Arizonans join diverse Women’s March to protest Trump inauguration

Knitters make pink hats as part of the Pussyhat social media campaign for the Women’s March on Washington. Since its start as a protest on women’s issues, however, the march has grown to embrace a broad range of issues. (Photo by Lucy Nicholson/Reuters)

D’Lisa Shayn Khademi, who owns salons in Phoenix and Scottsdale, said her employees are “either a woman, a single mom, gay or lesbian.” She is marching because she fears for their futures under a Trump administration, she said. (Photo courtesy D’Lisa Shayn Khademi)

Linda Sarsour, a Muslim woman and Arab-American activist, who is one of the leaders of the Women’s March on Washington. Organizers say the march is for anyone who felt threatened by the rhetoric of last year’s presidential campaign. (Photo by Festival of Faiths/Creative Commons)

WASHINGTON – Environmental scientist Marilyn Zenko feels strongly enough about President-elect Donald Trump’s environmental policies that she is coming from Goodyear to be part of this weekend’s Women’s March on Washington.

She will be joined by nearly a dozen family members: Her mom and sister will march in support of the disabled community while other family members will participate in the name of reproductive rights among other causes.

And they will be joined by an expected 200,000 others who, like Zenko’s family, will march on behalf of many different causes but all with the single goal of making their voices heard the day after Trump’s inauguration.

The Women’s March on Washington has evolved from a statement about women’s rights to a gathering of Americans who are concerned about the incoming administration’s rhetoric across a broad range of topics. The official website for the march says it aims to bring together anyone who felt threatened during the campaign, including – but not limited to – Muslims, immigrants, people of color, people living with disabilities and survivors of sexual assault.

People like D’Lisa Shayn Khademi and the people who work for her.

“Every single person who works for me is either a woman, a single mom, gay or lesbian,” said Khademi, who owns Salon D’Shayn shops in Phoenix and Scottsdale. “They are hurt by the attitude of this administration.”

She said she has always kept a political Facebook page but that in the past year she has had to block 100 people who have threatened or insulted her on the page, often because she is a woman.

She thinks “people’s outwardness” with hateful opinions is a direct result of the example set by Trump over the course of his campaign, and worries about the effect of that new leadership on her and on her diverse salon staff.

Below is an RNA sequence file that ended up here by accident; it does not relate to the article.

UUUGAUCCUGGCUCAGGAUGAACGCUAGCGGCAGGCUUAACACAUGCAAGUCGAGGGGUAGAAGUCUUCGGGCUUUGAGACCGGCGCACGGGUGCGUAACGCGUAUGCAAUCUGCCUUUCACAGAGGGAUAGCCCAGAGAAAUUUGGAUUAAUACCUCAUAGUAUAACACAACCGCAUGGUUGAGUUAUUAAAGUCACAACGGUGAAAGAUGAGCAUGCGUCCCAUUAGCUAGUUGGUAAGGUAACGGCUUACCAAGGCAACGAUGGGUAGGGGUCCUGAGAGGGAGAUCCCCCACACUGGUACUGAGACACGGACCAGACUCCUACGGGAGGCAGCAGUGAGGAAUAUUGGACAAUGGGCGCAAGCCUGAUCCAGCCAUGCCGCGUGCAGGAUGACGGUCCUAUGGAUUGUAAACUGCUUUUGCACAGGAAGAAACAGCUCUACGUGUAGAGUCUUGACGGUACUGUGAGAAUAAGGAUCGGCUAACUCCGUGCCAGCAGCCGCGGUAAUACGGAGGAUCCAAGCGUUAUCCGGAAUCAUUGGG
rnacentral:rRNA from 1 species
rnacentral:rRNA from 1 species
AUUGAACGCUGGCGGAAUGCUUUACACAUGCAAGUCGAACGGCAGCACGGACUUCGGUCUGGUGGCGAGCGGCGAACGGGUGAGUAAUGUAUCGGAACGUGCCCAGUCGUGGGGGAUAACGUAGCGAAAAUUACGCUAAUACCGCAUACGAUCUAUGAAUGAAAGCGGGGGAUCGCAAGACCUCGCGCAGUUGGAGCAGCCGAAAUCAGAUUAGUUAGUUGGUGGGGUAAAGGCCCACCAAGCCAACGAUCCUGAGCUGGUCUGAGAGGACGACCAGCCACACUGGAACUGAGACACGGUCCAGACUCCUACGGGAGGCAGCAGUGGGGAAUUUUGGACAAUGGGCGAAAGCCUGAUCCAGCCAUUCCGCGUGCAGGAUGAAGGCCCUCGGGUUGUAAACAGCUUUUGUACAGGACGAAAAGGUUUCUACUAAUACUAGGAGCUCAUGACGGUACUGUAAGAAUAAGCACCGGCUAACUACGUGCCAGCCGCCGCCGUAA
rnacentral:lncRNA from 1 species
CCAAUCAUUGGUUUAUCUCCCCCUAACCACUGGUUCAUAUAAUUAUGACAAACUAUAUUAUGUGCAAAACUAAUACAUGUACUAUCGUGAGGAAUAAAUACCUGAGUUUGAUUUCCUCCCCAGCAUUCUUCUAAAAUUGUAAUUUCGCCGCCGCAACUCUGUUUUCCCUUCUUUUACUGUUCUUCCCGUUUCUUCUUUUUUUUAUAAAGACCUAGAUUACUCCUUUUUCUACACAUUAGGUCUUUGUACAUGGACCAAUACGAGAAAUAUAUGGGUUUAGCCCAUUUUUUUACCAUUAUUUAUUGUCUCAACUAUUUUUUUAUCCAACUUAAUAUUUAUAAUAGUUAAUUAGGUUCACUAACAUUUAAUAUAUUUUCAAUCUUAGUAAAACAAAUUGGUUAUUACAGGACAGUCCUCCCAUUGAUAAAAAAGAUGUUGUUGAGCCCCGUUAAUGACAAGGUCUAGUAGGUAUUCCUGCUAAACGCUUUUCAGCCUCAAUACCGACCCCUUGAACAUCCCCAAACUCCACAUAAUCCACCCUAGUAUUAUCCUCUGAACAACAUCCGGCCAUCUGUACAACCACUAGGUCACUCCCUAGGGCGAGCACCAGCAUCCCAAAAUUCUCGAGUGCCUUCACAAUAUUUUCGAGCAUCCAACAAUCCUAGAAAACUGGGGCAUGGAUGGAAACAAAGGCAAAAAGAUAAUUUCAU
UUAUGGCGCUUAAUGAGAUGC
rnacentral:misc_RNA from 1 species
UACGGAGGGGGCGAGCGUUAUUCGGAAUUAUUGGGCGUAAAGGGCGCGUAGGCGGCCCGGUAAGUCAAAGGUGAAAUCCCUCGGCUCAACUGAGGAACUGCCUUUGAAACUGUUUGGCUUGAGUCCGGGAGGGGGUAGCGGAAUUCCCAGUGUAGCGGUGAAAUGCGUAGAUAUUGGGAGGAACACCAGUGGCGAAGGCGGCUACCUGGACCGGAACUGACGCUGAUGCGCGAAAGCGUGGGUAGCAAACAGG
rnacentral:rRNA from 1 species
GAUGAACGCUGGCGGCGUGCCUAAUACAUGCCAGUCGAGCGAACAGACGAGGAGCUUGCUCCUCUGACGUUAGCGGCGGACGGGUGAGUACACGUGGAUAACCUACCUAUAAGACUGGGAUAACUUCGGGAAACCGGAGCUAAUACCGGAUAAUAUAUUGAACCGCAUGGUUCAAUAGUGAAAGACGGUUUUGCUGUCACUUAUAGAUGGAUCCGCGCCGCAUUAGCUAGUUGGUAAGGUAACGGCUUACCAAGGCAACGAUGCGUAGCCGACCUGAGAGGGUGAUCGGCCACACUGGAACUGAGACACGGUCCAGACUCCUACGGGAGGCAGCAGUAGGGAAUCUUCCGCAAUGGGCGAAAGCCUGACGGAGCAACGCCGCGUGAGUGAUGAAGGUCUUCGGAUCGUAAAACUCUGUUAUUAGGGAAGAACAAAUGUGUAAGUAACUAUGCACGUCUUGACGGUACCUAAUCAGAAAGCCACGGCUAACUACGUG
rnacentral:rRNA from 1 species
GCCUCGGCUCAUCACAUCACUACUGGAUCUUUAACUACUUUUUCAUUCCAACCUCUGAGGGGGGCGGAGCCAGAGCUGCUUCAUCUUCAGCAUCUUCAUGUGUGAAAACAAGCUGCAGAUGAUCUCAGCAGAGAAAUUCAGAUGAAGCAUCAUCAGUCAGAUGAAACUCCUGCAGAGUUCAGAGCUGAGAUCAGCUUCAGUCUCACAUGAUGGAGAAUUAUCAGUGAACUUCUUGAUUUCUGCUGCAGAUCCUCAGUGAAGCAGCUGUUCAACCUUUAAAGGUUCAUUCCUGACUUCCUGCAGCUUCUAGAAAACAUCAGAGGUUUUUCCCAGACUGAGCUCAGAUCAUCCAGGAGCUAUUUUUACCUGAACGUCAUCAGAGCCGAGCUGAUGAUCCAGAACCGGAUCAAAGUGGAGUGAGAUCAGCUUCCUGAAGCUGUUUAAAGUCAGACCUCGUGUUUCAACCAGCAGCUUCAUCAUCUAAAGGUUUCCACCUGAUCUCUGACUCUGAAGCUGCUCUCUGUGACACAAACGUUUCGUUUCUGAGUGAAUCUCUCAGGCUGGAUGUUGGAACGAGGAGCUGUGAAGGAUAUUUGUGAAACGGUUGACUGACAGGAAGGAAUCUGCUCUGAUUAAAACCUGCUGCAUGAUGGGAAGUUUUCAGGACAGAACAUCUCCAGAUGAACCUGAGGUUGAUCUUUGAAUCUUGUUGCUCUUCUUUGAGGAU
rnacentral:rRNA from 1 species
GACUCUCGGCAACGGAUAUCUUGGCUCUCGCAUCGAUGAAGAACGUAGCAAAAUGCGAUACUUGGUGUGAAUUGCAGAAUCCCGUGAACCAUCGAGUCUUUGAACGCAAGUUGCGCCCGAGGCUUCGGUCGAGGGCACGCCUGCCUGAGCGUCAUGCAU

Khademi said she was disappointed in the election results, but even more so in the negative behavior she feels has been fueled by Trump’s rhetoric.

“The election results were extraordinarily depressing,” said Khademi, adding that it “feels like we’re sliding back” in terms of the place of women in society. That motivated her desire to come to the march in Washington.

For those who can’t come to Washington, there are “sister marches” scheduled around the country, including one that will meet at the State Capitol in Phoenix and another that will meet at Armory Park in Tucson. Both will begin Saturday at 10 a.m.

But it’s not just women who are marching. Nate Terani, a Tucson resident who describes himself as a Muslim-American, cites his religion and his military experience as his reasons to march.

He has been working with others to raise funds that will help 100 to 200 female veterans from across the country attend the march. More than $10,000 had been raised through the GoFundMe account they set up.

Terani said his need to protest the incoming Trump administration is fueled in part by the president-elect’s campaign, when he called for blocking Muslims from entering the country or starting a registry for Muslims who are here, among other comments.

But Terani also believes that he and other veterans owe it to the United States to stand in “intersectional solidarity” with all Americans.

“We took an oath to defend the Constitution,” Terani said. “I think that oath is being violated by someone who is supposed to be our new commander in chief.”

For Phoenix resident John Stencel, this weekend’s march will be his second time protesting a presidential inauguration in Washington. The first time was to protest the swearing-in of President George W. Bush.

Stencel said the results of this election “sucked,” and he worries that a Trump administration will threaten immigrants and women.

“They’re right when they say that women’s issues are human issues,” Stencel said. “It’s too important not to go.”

The current political climate has motivated north Phoenix resident Joyce Vogt to join a protest for the very first time.

Vogt, who moved from Washington to the Valley in 2014, said the partisanship in in Washington has upset her for several years, but the 49-year-old was never motivated to join a protest until now.

She is concerned with the “rhetoric from Mr. Trump,” regarding women and “other folks.” But she has a message for the incoming president.

“For me, it’s like, ‘Hey, we’re watching, and be careful,'” Vogt said.